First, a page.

One-Dimensional Elementary Cellular Automata

Some Cellular Automata (CA) Terms:

Each square in the grid is called a cell.

In a one-dimensional CA, each horizontal row of cells represents a generation. The top row is the starting generation.

The starting pattern of cells is called the seed or initial state of the CA. The most common seed for an elementary CA is a single "On" cell surrounded by "Off" cells on the top row of the grid, but other configurations are certainly possible (and often interesting).

The state of a cell describes its current condition - alive, dead, growing, shrinking, moving, etc. In an elementary CA, each cell can have only one of two states - "On"/"Off", "Alive"/"Dead", or graphically, "Black"/"White".

The neighborhood of a cell consists of all of the cells that can influence its behavior in the next generation. The neighborhood of an elementary CA consists of the cell itself and the two cells immediately to its left and right. (This is called an r = 1 CA.) A complication arises - who are the neighbors of the border cells? One solution is to imagine the current generation to extend infinitely far to the left and right, so that the grid we see is just a small slice of the "universe." That is what we will generally do. However, another common solution is to imagine that the right edge of the grid folds around and connects to the left edge of the grid, forming a tube-shaped universe. Therefore the left neighbor of the leftmost cell is the rightmost cell, and vice versa. It might seem reasonable to just imagine that the universe ends at the border of the grid, but that would mean that you would need special rules for the edge cells, and we want to keep things as simple as possible.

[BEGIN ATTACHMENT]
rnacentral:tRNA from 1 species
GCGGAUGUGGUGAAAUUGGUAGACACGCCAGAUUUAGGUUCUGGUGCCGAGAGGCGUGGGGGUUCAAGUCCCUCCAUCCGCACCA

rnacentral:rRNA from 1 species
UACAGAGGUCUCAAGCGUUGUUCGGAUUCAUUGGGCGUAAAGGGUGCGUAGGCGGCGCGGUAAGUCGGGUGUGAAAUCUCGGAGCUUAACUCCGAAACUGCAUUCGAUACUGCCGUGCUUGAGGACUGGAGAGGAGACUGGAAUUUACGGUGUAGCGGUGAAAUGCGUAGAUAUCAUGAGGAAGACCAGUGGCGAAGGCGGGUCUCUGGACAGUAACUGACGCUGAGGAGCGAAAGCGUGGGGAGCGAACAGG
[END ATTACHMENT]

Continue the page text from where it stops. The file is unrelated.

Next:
The rule for a CA tells the state of the current cell in the next generation based on the current state of its neighborhood.

last update November 21, 2009 by JL Stanbrough